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Residents have special interest

By Staff
July 22, 2001
Meridian residents have a special interest in two upcoming hearings involving the city's plan to build a $7 million parking garage downtown. The project is part of an urban renewal package that also involves $10 million from the Riley Foundation and is associated with other downtown revitalization projects.
Is a big parking garage a good thing or a bad thing for downtown Meridian?
If and when the Grand Opera House of Mississippi becomes a reality, if and when other downtown renewal projects get off the drawing boards, if and when people are actually living downtown and coming to event there, a parking garage may be needed to accommodate them.
Unfortunately, Meridian's history with parking garages is less than sterling. Three of them were built decades ago with money from another well-intentioned federal program. They, too, were to accommodate all of the downtown shoppers and visitors and workers. They were miserable failures and withered into rusting hulks before businessman Gil Carmichael years later found another use for them.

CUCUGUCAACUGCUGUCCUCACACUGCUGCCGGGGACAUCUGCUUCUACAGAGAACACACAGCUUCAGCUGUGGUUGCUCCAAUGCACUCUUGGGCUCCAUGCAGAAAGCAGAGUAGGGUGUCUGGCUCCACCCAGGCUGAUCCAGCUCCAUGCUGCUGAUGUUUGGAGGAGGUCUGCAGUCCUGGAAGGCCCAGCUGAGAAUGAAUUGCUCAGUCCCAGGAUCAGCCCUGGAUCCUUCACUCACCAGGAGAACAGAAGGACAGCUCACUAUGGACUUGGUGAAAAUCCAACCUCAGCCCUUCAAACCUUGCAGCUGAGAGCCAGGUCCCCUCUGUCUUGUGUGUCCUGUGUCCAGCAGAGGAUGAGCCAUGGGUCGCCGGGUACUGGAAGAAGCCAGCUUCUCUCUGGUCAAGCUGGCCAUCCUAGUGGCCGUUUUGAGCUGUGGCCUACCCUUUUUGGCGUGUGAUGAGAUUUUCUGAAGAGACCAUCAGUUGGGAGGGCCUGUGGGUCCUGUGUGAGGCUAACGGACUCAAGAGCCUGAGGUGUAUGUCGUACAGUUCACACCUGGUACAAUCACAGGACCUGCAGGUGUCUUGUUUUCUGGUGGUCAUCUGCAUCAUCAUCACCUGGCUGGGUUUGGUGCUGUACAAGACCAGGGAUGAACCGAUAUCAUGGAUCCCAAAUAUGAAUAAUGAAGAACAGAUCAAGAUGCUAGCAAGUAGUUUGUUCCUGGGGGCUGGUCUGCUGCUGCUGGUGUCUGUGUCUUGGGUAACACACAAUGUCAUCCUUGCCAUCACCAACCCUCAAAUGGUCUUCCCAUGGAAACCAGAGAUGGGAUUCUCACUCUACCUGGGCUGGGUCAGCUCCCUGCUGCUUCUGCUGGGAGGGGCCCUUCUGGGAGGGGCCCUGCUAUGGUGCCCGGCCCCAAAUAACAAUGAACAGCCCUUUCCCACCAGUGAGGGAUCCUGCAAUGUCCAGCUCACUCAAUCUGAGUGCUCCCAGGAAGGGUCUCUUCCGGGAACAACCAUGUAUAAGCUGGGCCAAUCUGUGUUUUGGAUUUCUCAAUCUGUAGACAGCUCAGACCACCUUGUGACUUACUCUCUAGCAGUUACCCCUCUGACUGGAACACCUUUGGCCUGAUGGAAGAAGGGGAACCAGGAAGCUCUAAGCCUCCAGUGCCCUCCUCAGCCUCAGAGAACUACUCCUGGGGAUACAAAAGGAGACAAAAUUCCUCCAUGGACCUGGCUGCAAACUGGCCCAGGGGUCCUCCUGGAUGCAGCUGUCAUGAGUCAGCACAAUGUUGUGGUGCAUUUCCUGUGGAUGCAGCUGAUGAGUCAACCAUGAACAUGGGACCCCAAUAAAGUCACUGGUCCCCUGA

Hopefully, the concept and design being considered now will be more user-friendly.
It is likely that the parking garage will sponge up virtually all of Meridian's urban renewal money, and that's why residents should attend one or both of these hearings:
July 24: Meridian Planning Commission is expected to take up the issue. The commission meets at 5:30 p.m. in the Municipal Courtroom;
Aug. 7: Evidently expecting a favorable vote of the planning commission, the city council has scheduled a hearing on the parking garage beginning at 9 a.m. in the Municipal Courtroom.
This is a classic opportunity for concerned citizens to express their opinions to the only two local government bodies with the authority to make a decision on the parking garage.

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